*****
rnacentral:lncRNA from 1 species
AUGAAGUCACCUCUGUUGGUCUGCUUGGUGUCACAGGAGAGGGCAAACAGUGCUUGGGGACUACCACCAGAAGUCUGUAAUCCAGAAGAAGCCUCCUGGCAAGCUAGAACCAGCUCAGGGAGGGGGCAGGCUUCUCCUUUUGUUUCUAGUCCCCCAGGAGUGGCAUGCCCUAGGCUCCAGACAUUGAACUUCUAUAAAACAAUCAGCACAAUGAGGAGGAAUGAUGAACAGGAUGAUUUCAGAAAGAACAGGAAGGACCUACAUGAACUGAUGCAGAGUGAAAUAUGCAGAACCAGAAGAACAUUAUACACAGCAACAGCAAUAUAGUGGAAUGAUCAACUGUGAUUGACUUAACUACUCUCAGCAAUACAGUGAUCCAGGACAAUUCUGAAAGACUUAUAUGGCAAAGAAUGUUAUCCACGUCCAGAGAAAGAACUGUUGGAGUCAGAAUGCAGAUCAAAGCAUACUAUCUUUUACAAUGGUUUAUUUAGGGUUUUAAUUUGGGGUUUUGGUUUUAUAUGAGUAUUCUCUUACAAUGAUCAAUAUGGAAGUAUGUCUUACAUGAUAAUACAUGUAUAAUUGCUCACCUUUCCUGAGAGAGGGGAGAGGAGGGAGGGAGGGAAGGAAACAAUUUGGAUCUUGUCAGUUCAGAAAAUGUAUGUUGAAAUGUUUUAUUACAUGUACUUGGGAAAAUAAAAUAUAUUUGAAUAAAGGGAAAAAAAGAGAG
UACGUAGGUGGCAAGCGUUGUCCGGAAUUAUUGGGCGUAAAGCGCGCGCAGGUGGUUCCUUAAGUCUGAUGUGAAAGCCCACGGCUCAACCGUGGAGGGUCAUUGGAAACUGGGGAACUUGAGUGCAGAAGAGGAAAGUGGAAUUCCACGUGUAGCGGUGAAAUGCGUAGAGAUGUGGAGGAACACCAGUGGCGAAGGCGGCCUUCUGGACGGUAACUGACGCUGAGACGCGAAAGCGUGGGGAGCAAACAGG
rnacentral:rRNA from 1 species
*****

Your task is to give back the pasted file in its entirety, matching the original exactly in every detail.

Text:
rnacentral:lncRNA from 1 species
AUGAAGUCACCUCUGUUGGUCUGCUUGGUGUCACAGGAGAGGGCAAACAGUGCUUGGGGACUACCACCAGAAGUCUGUAAUCCAGAAGAAGCCUCCUGGCAAGCUAGAACCAGCUCAGGGAGGGGGCAGGCUUCUCCUUUUGUUUCUAGUCCCCCAGGAGUGGCAUGCCCUAGGCUCCAGACAUUGAACUUCUAUAAAACAAUCAGCACAAUGAGGAGGAAUGAUGAACAGGAUGAUUUCAGAAAGAACAGGAAGGACCUACAUGAACUGAUGCAGAGUGAAAUAUGCAGAACCAGAAGAACAUUAUACACAGCAACAGCAAUAUAGUGGAAUGAUCAACUGUGAUUGACUUAACUACUCUCAGCAAUACAGUGAUCCAGGACAAUUCUGAAAGACUUAUAUGGCAAAGAAUGUUAUCCACGUCCAGAGAAAGAACUGUUGGAGUCAGAAUGCAGAUCAAAGCAUACUAUCUUUUACAAUGGUUUAUUUAGGGUUUUAAUUUGGGGUUUUGGUUUUAUAUGAGUAUUCUCUUACAAUGAUCAAUAUGGAAGUAUGUCUUACAUGAUAAUACAUGUAUAAUUGCUCACCUUUCCUGAGAGAGGGGAGAGGAGGGAGGGAGGGAAGGAAACAAUUUGGAUCUUGUCAGUUCAGAAAAUGUAUGUUGAAAUGUUUUAUUACAUGUACUUGGGAAAAUAAAAUAUAUUUGAAUAAAGGGAAAAAAAGAGAG
UACGUAGGUGGCAAGCGUUGUCCGGAAUUAUUGGGCGUAAAGCGCGCGCAGGUGGUUCCUUAAGUCUGAUGUGAAAGCCCACGGCUCAACCGUGGAGGGUCAUUGGAAACUGGGGAACUUGAGUGCAGAAGAGGAAAGUGGAAUUCCACGUGUAGCGGUGAAAUGCGUAGAGAUGUGGAGGAACACCAGUGGCGAAGGCGGCCUUCUGGACGGUAACUGACGCUGAGACGCGAAAGCGUGGGGAGCAAACAGG
rnacentral:rRNA from 1 species